Evergreen: Fall 2023 and Spring 2024 Semester Rates
4 occupants per apartment
|Room Type||Cost Per Semester|
|Single Rooms||Single room accommodations may be available for an additional cost of $859/semester, pending availability.|
Social Fee - $20/semester
Evergreen Hall is the first Leadership in Energy and Environmental Design (LEED) certified residence facility in the University of Minnesota system. Construction began in fall 2008, and the building was dedicated October 2, 2009, with residents moving in for the first time at the beginning of the fall semester 2009. Evergreen has 34 apartments, housing up to 130 students with 2 studio rooms for guests. With large lounges, gaming, and food services, Evergreen Hall is an ideal student hub for the campus.
Evergreen Hall was designed by Michael J. Burns Architects, Ltd. and built by Community Contractors, Inc. in conjunction with several local and regional contractors.
The name of this new residence hall was an important feature. Students voted on three names before the final decision was made, choosing from proposed names including Northstar, Legacy, and Evergreen. Each of the three names held a strong meaning for project backers. After votes and debate, the building was eventually named Evergreen in honor of the evergreen trees cut down to prepare the site for the building. Wood from those trees was incorporated into the main lounge area on the first floor.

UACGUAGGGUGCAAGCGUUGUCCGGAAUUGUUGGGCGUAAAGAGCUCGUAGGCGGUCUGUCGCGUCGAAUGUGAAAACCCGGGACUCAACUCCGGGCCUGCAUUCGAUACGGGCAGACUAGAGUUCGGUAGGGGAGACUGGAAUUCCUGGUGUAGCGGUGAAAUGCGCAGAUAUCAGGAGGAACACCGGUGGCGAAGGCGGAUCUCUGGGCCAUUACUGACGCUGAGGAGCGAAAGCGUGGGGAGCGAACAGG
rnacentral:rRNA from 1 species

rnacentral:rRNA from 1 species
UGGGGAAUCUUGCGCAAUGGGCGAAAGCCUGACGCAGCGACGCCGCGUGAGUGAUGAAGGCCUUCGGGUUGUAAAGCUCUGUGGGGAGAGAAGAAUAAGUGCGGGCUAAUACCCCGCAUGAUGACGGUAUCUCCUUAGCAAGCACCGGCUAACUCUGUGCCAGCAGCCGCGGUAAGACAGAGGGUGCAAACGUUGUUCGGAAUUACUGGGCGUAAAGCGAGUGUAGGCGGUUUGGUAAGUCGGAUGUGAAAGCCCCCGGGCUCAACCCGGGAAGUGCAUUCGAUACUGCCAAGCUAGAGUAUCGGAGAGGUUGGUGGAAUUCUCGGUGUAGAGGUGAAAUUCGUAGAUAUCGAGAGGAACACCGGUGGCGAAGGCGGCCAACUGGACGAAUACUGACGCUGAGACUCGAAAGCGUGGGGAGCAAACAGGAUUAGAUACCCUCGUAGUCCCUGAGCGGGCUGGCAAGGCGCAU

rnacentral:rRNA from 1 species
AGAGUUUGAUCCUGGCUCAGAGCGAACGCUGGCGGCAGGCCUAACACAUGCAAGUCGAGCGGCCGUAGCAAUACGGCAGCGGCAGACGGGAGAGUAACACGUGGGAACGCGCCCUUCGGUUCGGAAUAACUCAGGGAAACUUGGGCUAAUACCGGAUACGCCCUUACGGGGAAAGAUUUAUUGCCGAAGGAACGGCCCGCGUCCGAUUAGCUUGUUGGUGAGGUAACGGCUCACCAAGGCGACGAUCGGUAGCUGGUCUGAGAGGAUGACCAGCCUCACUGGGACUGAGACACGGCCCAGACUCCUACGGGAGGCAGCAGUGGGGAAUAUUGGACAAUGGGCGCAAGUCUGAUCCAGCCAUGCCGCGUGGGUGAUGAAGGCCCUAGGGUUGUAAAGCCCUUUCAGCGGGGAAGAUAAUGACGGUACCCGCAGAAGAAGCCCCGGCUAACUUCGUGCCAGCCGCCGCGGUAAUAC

For-EverGREEN - Evergreen Hall's LEED Certification Information
Building a new Residence Hall at the University of Minnesota, Crookston campus became a necessity in the fall of 2008, due to campus enrollment increases and the high demand for on-campus housing. This high demand precipitated the residential life department to convert floor lounges into student housing, to triple and quadruple room occupancies, as well as, retain a off-campus 12 unit student apartment complex in downtown Crookston.